what is hamlet saying in his soliloquay in act3 scene1?

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i would like to know what hamlet is saying word for word in his soliloquay in act3 scene1.

-- vanessa murphy (vanessamurphy@oceanfree.com), November 12, 2003


I'd give an interpretation rather than a translation. Did it somewhere else, but I can't remember where; so here it is again, line by line.

It's easier to express it as Hamlet talking about himself and his own situation. But he never uses "I". He is engaging his mind in an intellectual debate brought on by his own experiences in his situation, but he is not wallowing in personal trauma and self-pity.

56: Hamlet wonders about two possibilities. To exist, or not to exist. The question is academic really; for he believes he has a soul, the soul is immortal and cannot die and therefore cannot not exist; and the soul is the person and therefore the person cannot not exist. But that doesn't put Hamlet off. He thinks it all through in detail.

57-60: To the Renaissance mind fortune (often personified to the female Fortune) is the force which dishes out good and bad to humans. It, or she, is 'fickle', "outrageous", "a strumpet" (II.ii.235-236). That is, she chooses what she dishes out by whim, not according to what people might deserve, or according to any principle of what should be or what is right. People are her playthings. So Hamlet, enlarging on his initial "question", wonders whether it is nobler, or more noble- minded, (see the NB below) to put up with all the bad, or "troubles", Fortune dishes out; or to fight back and thus bring his suffering of all the troubles to an end. (The "or" here parallels the "or" in line 56.)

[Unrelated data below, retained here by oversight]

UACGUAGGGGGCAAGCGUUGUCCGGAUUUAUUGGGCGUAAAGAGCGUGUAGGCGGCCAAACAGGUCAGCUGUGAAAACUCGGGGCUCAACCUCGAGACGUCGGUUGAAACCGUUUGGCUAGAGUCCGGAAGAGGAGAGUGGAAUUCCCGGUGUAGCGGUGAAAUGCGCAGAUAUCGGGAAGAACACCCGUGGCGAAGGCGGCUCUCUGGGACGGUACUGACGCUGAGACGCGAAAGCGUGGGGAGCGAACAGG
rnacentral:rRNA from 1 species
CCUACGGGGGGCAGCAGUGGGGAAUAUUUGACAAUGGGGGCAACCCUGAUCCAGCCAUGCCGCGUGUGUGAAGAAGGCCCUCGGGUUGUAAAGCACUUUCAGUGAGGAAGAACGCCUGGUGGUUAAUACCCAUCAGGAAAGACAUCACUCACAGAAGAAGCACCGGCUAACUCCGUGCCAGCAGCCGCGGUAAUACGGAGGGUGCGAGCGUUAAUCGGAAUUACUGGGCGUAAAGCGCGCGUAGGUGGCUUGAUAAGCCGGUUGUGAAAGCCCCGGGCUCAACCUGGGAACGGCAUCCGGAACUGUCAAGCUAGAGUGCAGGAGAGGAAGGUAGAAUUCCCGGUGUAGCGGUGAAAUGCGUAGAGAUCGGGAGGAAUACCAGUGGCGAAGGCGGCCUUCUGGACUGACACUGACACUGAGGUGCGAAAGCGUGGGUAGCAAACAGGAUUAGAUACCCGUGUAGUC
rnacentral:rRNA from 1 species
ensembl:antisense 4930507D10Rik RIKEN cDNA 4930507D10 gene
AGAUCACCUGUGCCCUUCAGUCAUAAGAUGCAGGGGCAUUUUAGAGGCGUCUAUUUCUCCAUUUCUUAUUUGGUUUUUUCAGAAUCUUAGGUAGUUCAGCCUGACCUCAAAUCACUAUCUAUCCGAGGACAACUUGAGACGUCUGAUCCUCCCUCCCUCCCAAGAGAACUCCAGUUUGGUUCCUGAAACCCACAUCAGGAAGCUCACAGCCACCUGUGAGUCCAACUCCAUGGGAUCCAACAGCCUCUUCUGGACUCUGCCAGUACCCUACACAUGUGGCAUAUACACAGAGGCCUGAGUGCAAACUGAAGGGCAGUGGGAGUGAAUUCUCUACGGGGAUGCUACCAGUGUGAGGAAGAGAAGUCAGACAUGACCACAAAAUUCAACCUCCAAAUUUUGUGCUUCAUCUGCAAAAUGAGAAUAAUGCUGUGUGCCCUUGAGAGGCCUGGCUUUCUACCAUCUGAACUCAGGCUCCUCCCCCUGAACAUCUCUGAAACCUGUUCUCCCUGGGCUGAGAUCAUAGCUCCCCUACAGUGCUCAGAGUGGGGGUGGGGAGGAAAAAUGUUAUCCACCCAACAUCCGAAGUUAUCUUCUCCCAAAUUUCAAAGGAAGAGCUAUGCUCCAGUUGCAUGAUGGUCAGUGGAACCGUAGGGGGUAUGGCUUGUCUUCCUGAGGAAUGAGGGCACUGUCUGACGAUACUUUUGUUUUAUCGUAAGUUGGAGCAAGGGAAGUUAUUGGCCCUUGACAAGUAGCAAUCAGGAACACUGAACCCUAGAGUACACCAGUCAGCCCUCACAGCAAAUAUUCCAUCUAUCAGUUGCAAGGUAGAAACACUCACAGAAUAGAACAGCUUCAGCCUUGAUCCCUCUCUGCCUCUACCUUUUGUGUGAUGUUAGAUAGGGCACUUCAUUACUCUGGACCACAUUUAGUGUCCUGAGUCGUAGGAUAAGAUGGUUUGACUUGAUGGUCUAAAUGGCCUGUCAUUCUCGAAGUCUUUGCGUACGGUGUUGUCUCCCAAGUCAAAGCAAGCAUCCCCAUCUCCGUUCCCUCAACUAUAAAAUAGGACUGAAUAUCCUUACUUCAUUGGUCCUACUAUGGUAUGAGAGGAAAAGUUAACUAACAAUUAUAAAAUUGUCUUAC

Now lines 60-64, allied to the metaphor Hamlet uses in line 59, make it clear what he means. To draw a sword and attack the sea with it is a waste of energy, utterly useless; and it reeks of hubris (a sort of mixture of arrogance and vanity), which is why Hamlet questions the nobility of it. Trying to fight Fortune would be the same, an absolutely futile rebellion. Except in one way: if he were "to die", Fortune could certainly not affect him, and the earthly troubles would "end".

He immediately euphemizes dying to sleeping, but he is talking about suicide. At this point in his thinking, dying is his not being. Renaissance man accepted that the ancient Romans believed it was noble to commit suicide when they felt they could no longer live with honour (see for example WS's JULIUS CAESAR and ANTONY AND CLEOPATRA). But under Christianity, suicide is a sin, because it is taking a human life (we see this with tbe discussions over Ophelia's death and burial in V.i). So the nobility of suicide is also questionable.

But dying to Hamlet, in lines 60-64, is an ending of human life which seems very attractive ("a consummation devoutly to be wished" - see NB below) because it would stop all the troubles that one has to put up with in human life.

Then his thinking goes another step. Lines 65-67: he notes that sleeping involves dreaming; and as sleeping is his metaphor for dying, dreaming is his metaphor for the existence of the soul after death.

And he acknowledges that he doesn't know what that would involve. Lines 67-83, on the fundamental level, continuing on from what he has already said, explain that because he doesn't know what the lot of his soul may be after death, he is unwilling, even afraid, to take his own life. (Compare what the ghost told him about its suffering in I.v.2-4 and 9-20 - scary stuff.) And these lines explain that he puts up with the troubles, some of which he lists in 62-63 and 70-74, because he is afraid of what would follow if he committed suicide. In basic terms, as we now say, "better the devil you know than one you don't know" is what Hamlet is saying in lines 81-82.

He dreads what comes "after death", probably especially because he could be damned for committing the sin of suicide, in which case his existence after death would indeed be very bad; and he points out quite simply in 79-80 that if he doesn't like it after death he can't come back to human life.